Members of the community and voluntary sector have said they are in crisis, unable to retain staff and unable to provide adequate services as a result.
Testimonies were given by numerous members of the Wheel, Ireland’s national association of charities, at a launch of its pre-budget submission on Monday.
Pauline McKeown, chief executive of Coolmine Therapeutic Community, said its staff turnover rate for 2023 so far has been 42 per cent, an increase on a 34 per cent average for 2022.
“That is impossible to sustain the current level of service delivery to vulnerable people in Irish society,” Ms McKeown said.
She also said, that as of mid-September 2023, Coolmine Therapeutic Community and many other organisations working to combat homelessness and addictions do not have their funding confirmed for 2023.
“We’re now nine months into the year and it’s unconfirmed, there is no clarity on this year’s funding,” she said.
For the first six months of 2023, Coolmine has seen a 35 per cent increase in demand for its services. However, she said, without movement on aligning the sector with HSE pay scales community organisations would further spiral into crisis.
Fiona Coyle of Mental Health Reform (MHR) echoed Ms McKeown’s comments. Ms Coyle said that when the mental health charity’s members returned feedback for its pre-budget submission they noted inadequate funding, which affects recruitment and retention and “was stifling their ambition as organisations”.
MHR has also noted a vast increase in demand for their members’ services, but funding has not increased, Ms Coyle said, adding that once-off funding incentives, while good, are unsustainable as they cannot be used on core costs. “You have to use it for something new, that you then have to find more funding to fund next year because it’s one-year funding.”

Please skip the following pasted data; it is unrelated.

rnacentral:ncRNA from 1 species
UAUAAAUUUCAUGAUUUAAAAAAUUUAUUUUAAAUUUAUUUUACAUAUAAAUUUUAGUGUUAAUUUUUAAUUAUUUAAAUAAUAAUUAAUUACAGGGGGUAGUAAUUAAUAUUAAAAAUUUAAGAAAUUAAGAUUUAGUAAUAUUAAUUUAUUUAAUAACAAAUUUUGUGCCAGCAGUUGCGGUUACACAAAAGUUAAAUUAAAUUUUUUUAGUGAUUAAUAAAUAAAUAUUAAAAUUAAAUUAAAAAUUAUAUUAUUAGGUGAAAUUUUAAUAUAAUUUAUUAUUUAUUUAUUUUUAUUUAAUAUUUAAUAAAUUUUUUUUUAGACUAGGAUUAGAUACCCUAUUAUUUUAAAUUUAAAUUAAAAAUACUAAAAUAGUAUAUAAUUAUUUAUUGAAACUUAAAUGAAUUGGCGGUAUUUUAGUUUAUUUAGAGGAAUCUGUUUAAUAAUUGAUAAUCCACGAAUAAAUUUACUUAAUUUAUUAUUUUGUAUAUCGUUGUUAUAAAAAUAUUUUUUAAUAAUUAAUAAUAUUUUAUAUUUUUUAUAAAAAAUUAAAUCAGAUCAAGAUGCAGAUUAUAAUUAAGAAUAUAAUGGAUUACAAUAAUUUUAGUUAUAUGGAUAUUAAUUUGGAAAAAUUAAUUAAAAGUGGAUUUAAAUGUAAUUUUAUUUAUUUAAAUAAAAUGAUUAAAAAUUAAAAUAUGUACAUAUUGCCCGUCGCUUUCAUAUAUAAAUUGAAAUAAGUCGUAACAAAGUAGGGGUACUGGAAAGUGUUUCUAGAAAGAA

Ms Coyle also said that it is known that the State’s current mental health services do not meet the needs of those who access them and that community and voluntary organisations play a crucial role in early intervention and prevention.
“Despite the role that our organisations have, we are not partners when it comes to funding, we’re often an afterthought,” she said.
Ms Coyle added that as mental health needs in Ireland increase waiting lists will grow. Without more investment at community level there would be greater pressure on “more specialised services” which would ultimately cost the State more, she added.
Highlighting its recruitment challenges, a member of the Daughters of Charity Community Services said it tended to hire people who “are not necessarily as qualified as you would like. You’re putting a huge amount of time and effort into training them and bringing them up, and then they leave [for a better-paid job] and the cycle begins again.”
Ivan Cooper, chief executive of the Wheel, said he felt community and voluntary organisations were “perennially underfunded” because the Government knew they usually did not speak out and go on strike. “Why wouldn’t it behave the way it behaves when it knows it has partners like us?”
Gráinne O’Rourke, who works with the Spiritans, but is also on the board of Dyslexia Ireland and Spirasi, the National Centre for the Rehabilitation of Survivors of Torture in Ireland, told the group that Dyslexia Ireland and Spirasi were looking at pausing their waiting lists, because the demand for the service in each instance is far outstripping the resources available.
“One in 10 people in this country has dyslexia. That’s 10 per cent of the population … You can imagine the detrimental effect that us having to pause our waiting list” would have. She also highlighted the increased number of refugees arriving in Ireland needing Spirasi’s services.
“Multi-annual funding is absolutely imperative.” She said it was raised each budget year and “it just gets ignored and I really think we’re at a stage of a tipping point now”.